1. Dr. Jim Iley, Sub-Dean of Science Faculty, OU
  2. Dr Carol Morris, Sub-Dean of Technology Faculty, OU
  3. Dr. Anne Howell, Director of Learning and Teaching Solution (LTS),OU
  4. Dr. Philip Butcher, Director of Academic Software Development, OU
  5. Zhu Jian han and his colleagues at the Knowledge Media Institute, OU
  6. Visited Cambridge Regional Office of the OU, R06, where I observed first hand the operation of an important regional office and study center of the OU
  7. Visited the residential summer school of the science course SXR103, held on the Campus of the University of Sussex, Brighton, England. This was a very useful opportunity to observe the OU organizes its summer school, and I had very useful discussions with the Summer School Director Dr. Linda Fowler and some of the tutors. In addition, I visited some labs as students were working.

These discussions and visitations were very wide, covering teaching, learning and management issues, which enhanced my insight into the working of a well known institution. These discussions were very important to me because they can be applied to my work in China.
I wish to thank all those who discussed various academic issues with me.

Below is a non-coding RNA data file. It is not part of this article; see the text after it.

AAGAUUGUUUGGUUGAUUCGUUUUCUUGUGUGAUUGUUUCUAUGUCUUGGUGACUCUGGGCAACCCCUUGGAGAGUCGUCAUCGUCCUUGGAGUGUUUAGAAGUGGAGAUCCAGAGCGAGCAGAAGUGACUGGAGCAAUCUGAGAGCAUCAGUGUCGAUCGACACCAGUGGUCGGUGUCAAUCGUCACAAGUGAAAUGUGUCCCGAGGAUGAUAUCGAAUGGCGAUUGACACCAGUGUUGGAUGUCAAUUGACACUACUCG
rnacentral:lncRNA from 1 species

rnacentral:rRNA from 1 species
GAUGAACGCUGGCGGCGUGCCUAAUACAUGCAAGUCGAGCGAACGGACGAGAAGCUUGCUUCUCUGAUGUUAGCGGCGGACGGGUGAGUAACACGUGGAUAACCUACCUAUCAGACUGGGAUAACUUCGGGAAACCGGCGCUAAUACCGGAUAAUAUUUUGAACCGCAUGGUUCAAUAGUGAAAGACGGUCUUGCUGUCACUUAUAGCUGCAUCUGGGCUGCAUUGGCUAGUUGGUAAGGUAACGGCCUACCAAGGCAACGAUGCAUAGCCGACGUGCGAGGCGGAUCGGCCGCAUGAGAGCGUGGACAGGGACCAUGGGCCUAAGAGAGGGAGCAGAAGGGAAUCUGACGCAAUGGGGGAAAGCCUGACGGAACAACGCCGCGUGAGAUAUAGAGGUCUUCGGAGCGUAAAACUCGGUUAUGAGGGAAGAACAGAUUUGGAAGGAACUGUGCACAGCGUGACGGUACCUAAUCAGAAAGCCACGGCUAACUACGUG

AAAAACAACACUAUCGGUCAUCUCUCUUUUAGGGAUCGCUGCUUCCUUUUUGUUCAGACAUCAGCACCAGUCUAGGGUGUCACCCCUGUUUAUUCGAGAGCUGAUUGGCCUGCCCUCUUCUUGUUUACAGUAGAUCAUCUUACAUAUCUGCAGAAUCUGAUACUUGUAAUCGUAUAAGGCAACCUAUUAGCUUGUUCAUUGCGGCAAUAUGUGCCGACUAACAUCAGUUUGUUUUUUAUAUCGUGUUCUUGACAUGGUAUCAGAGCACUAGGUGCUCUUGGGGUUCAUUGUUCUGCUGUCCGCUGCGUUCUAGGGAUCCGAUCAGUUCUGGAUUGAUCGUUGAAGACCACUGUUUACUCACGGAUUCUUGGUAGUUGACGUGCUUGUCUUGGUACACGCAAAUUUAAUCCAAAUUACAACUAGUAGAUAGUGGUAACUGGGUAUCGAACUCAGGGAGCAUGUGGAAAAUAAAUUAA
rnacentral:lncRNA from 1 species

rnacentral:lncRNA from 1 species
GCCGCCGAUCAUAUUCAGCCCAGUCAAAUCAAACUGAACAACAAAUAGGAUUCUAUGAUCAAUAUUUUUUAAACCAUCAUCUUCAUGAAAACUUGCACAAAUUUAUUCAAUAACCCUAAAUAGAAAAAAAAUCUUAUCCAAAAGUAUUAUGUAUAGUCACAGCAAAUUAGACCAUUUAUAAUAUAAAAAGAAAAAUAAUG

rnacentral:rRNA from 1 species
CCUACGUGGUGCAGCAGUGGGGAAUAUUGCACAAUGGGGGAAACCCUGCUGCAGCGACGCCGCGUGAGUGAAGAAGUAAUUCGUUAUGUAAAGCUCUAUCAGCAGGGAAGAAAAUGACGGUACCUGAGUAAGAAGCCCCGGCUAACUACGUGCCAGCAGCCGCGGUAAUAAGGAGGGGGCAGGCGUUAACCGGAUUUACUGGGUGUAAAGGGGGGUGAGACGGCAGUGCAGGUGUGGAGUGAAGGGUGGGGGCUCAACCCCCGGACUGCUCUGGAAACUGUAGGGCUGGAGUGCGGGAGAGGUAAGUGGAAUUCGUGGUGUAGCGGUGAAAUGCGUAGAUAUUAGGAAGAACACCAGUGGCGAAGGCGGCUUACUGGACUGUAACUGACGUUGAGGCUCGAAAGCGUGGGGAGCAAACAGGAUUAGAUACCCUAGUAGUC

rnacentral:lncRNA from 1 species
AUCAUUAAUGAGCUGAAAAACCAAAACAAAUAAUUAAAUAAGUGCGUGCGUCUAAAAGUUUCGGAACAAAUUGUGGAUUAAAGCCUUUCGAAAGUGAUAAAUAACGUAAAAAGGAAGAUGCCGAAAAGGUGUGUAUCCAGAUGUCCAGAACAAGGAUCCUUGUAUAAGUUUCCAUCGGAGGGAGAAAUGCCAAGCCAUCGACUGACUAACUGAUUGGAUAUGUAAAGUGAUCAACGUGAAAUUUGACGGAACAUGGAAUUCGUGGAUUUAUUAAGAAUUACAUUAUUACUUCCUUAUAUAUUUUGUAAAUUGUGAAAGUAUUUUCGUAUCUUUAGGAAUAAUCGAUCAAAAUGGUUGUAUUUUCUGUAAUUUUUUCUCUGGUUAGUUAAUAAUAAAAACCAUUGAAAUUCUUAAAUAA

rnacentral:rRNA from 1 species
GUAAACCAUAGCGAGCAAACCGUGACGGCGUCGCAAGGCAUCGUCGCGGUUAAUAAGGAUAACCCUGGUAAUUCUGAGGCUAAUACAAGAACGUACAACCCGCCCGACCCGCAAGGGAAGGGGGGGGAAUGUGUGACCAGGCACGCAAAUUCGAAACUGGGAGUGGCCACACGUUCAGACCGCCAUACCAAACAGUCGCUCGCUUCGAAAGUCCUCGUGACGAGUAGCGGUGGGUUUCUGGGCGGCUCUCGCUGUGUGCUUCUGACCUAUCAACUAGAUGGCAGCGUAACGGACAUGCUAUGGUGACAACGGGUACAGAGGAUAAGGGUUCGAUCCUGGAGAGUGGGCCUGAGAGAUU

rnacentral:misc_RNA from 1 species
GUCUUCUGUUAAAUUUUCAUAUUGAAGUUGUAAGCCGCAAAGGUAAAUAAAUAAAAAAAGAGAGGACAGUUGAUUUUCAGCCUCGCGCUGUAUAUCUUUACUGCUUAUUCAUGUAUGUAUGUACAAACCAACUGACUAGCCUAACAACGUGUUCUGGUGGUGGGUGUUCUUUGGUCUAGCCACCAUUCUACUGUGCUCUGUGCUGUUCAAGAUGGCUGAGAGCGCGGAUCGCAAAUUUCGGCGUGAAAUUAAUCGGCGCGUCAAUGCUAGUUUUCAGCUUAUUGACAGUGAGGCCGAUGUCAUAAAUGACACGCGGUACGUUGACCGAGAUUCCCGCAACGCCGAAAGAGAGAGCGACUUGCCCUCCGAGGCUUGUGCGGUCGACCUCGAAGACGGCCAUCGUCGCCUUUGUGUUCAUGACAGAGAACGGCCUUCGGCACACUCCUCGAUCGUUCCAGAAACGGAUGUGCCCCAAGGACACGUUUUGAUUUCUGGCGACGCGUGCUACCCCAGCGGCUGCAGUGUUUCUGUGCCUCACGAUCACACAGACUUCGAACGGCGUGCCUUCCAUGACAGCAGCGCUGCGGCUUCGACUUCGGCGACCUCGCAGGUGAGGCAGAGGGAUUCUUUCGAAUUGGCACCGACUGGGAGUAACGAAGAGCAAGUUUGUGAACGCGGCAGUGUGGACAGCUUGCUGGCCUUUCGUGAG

2. Online Resource Design

I collected much information about online teaching and learning. I also read and studied some journals about generic requirements of online course design. As the interface of web site is a key element of usability, where usability means the ease or difficulty with which the user can complete the intended tasks, so I also studied the methods for evaluation interface design for online learning environment.
In the OU, web-based resources which offer educational guidance and learning support for OU students are produced by a team. This team consists of instructional designers and web builders with a unique mix of academic and technical experience. They have established guidelines for the design and build process.

Table 1 Guidelines for Online Resource Design and Build


Needs analysis and marking information, articulation of aims and objectives, assessment of the production requirements, leading to the final design proposal.